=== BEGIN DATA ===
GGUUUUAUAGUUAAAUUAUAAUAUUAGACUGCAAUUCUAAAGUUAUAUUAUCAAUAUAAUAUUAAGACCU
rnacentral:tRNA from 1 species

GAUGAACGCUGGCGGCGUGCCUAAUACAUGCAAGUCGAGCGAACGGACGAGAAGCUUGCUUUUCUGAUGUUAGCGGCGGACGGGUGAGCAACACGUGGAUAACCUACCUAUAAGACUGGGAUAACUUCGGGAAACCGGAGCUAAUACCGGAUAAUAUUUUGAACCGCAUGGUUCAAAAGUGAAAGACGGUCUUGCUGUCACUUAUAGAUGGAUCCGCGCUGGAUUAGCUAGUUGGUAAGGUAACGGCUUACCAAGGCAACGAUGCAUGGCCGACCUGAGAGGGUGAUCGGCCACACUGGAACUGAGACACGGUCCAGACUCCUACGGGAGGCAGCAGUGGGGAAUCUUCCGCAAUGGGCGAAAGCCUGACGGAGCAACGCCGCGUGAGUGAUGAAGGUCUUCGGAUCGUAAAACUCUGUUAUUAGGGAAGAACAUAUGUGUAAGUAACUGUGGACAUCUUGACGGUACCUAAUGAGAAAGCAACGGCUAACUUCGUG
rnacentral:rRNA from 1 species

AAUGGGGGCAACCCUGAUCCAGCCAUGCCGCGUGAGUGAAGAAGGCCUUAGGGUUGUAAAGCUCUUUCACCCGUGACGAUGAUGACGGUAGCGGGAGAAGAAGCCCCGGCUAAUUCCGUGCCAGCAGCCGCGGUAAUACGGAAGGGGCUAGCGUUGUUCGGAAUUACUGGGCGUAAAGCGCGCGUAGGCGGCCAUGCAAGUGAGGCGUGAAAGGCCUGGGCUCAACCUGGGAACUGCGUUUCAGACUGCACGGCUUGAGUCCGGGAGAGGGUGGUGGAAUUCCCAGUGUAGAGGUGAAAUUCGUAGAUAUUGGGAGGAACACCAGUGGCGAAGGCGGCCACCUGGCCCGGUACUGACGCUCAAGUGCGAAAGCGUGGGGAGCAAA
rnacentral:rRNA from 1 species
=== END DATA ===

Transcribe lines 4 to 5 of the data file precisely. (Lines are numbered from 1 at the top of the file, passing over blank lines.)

rnacentral:rRNA from 1 species

AAUGGGGGCAACCCUGAUCCAGCCAUGCCGCGUGAGUGAAGAAGGCCUUAGGGUUGUAAAGCUCUUUCACCCGUGACGAUGAUGACGGUAGCGGGAGAAGAAGCCCCGGCUAAUUCCGUGCCAGCAGCCGCGGUAAUACGGAAGGGGCUAGCGUUGUUCGGAAUUACUGGGCGUAAAGCGCGCGUAGGCGGCCAUGCAAGUGAGGCGUGAAAGGCCUGGGCUCAACCUGGGAACUGCGUUUCAGACUGCACGGCUUGAGUCCGGGAGAGGGUGGUGGAAUUCCCAGUGUAGAGGUGAAAUUCGUAGAUAUUGGGAGGAACACCAGUGGCGAAGGCGGCCACCUGGCCCGGUACUGACGCUCAAGUGCGAAAGCGUGGGGAGCAAA